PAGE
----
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As any busy dermatologist will tell you, good medical assistants (MAs) are worth their weight in gold. Wait, make that platinum - good medical assistants are really valuable. Who else has the power to make your day run flawlessly, calm restless patients when you're an hour behind schedule, and take care of the myriad details that would bog you down in a hurry if you had to tend to them all?

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Some employees think of the drug sample closet as being free. Fortunately, a written policy can help staff avoid this misconception altogether, as long as it is obeyed.

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Using the Fourth Exam Room (Part 5 of 12)

Thursday, December 15, 2005

Many physicians bog down their workflow by batching a lot of work for the end of the day. When it's finally time to go home, there are charts to dictate, calls to make, and so on. Why not dictate, instead, while you are with the patient?

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Patients choose a dermatologist based on factors such as referral from another provider, subspecialty, and reputation. But experts say patients evaluate based on an entirely different set of standards once they reach the front desk. 

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Practice Management

Using the Fourth Exam Room (Part 5 of 12)

Thursday, December 15, 2005

Many physicians bog down their workflow by batching a lot of work for the end of the day. When it's finally time to go home, there are charts to dictate, calls to make, and so on. It's frustrating - and inefficient. At the end of the day, a physician will need to spend a minute or so remembering his or her thoughts about a patient visit before dictating a note. Those minutes add up: it takes a minimum of 15 minutes to rebuild your memory for 30 charts. Why not dictate, instead, while you are with the patient? Like all of us, patients retain less than a third of what they hear. Dictating in front of them, in a conversational way, will increase retention of information and demystify their care. Tell the patient what you are about to do.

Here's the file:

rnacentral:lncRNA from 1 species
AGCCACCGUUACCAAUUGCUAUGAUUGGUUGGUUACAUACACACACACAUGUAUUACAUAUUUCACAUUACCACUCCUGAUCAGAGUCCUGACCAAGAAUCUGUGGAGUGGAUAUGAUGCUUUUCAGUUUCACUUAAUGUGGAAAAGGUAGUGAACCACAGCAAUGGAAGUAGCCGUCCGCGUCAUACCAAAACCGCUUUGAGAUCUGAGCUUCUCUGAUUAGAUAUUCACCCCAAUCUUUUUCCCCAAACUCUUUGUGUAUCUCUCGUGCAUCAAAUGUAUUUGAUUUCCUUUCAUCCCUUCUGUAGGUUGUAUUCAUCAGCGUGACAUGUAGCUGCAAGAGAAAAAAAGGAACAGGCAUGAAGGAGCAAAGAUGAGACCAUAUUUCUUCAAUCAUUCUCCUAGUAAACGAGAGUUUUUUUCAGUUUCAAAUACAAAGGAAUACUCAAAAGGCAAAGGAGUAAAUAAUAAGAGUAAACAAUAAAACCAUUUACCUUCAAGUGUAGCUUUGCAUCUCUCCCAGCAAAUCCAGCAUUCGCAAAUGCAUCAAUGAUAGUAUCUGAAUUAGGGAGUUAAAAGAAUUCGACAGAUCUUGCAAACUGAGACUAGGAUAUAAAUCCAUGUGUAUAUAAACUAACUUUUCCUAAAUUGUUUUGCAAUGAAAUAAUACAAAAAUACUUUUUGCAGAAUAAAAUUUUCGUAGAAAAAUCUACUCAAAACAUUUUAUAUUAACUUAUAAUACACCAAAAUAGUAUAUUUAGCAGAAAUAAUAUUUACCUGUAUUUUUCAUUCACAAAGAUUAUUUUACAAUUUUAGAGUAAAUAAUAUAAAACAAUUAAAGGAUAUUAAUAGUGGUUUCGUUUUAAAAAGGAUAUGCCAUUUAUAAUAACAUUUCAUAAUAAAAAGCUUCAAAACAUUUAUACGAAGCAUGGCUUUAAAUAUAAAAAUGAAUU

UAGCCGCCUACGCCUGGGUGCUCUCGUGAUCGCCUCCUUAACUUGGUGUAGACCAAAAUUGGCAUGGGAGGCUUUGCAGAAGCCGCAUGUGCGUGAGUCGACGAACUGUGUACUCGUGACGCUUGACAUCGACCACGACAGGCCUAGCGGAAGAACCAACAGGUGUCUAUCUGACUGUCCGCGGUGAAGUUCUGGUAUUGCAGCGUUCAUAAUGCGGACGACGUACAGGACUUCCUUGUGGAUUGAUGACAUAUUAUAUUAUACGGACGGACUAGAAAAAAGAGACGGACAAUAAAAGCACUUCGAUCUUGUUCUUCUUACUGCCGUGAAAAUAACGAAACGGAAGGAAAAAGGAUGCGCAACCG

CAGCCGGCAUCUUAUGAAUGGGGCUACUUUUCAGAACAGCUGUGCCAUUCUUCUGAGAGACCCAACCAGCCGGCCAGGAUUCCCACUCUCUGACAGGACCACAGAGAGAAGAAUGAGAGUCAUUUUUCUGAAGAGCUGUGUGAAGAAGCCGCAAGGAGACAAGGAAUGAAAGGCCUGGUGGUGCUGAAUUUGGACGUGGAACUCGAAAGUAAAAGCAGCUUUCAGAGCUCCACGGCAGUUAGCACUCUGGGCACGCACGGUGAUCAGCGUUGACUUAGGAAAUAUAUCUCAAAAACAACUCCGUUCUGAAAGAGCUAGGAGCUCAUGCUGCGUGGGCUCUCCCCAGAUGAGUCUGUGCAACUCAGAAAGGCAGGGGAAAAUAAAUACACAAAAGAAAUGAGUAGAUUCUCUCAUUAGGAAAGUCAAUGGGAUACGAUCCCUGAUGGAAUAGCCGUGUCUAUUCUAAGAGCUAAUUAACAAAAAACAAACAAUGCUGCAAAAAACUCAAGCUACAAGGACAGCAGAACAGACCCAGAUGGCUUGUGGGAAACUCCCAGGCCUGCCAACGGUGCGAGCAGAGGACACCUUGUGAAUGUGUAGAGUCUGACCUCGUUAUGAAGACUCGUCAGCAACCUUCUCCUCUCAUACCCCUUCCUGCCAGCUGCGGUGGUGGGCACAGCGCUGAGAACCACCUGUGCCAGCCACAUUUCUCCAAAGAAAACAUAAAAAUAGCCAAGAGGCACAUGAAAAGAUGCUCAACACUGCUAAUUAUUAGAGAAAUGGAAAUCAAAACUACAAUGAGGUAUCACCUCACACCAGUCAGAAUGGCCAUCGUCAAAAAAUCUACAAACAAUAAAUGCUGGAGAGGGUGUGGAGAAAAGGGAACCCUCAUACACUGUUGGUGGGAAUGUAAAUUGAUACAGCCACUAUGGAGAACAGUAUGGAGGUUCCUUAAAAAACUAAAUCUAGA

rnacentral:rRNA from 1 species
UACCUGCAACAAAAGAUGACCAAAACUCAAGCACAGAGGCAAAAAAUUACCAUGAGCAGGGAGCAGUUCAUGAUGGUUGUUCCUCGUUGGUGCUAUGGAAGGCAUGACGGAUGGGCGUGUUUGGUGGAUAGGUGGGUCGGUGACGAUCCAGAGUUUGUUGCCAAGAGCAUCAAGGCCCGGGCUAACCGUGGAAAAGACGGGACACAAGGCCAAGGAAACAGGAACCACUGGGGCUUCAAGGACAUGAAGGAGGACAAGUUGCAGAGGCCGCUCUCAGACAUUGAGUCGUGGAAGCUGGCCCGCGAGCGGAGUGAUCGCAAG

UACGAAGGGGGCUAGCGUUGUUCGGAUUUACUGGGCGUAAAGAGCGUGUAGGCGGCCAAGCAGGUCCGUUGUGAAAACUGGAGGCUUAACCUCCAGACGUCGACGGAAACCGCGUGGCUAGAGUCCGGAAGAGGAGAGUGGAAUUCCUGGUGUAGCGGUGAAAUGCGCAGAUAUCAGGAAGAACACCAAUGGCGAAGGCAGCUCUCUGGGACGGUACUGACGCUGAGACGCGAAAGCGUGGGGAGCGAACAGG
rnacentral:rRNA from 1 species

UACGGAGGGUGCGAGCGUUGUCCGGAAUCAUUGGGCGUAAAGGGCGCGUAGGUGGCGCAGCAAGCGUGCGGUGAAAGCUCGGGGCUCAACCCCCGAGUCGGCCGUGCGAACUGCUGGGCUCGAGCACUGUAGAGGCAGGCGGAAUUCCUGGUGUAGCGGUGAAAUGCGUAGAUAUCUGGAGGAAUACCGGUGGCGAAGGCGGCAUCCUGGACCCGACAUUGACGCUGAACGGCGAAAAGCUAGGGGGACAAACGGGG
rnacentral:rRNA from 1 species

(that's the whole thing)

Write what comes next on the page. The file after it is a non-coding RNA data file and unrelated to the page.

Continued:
Did you know it takes at least 15 minutes to remember the notes you need to take for 30 charts? Dictate during your exams to avoid wasting time.

Alternatively, we've seen a scribe attend each exam, often a medical assistant who can also serve as an escort during internal exams. The scribe takes all the notes and stays on after the physician leaves the room to answer additional patient questions and provide instructions. Meanwhile, the physician is already in the next exam room with another scribe.

If that seems too odd or too expensive, consider setting up a virtual - or real - fourth exam room. After every third patient visit, duck into the nurse's station, dictation station, or some other semi-private space. Return whatever calls have come in during those exams, review test results, do your dictation, and complete any forms that are pending. In short, do the work throughout the day instead of holding it for the end.

Our essay next month will be "Using Nonphysician Providers."

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Disclaimer: The material above has been prepared by Physicians Practice. It has not been reviewed by the DermQuest Editorial Board for its accuracy or reliability. Reference to any products, service, or other information does not constitute or imply endorsement, sponsorship, or recommendation by members of the Editorial Board.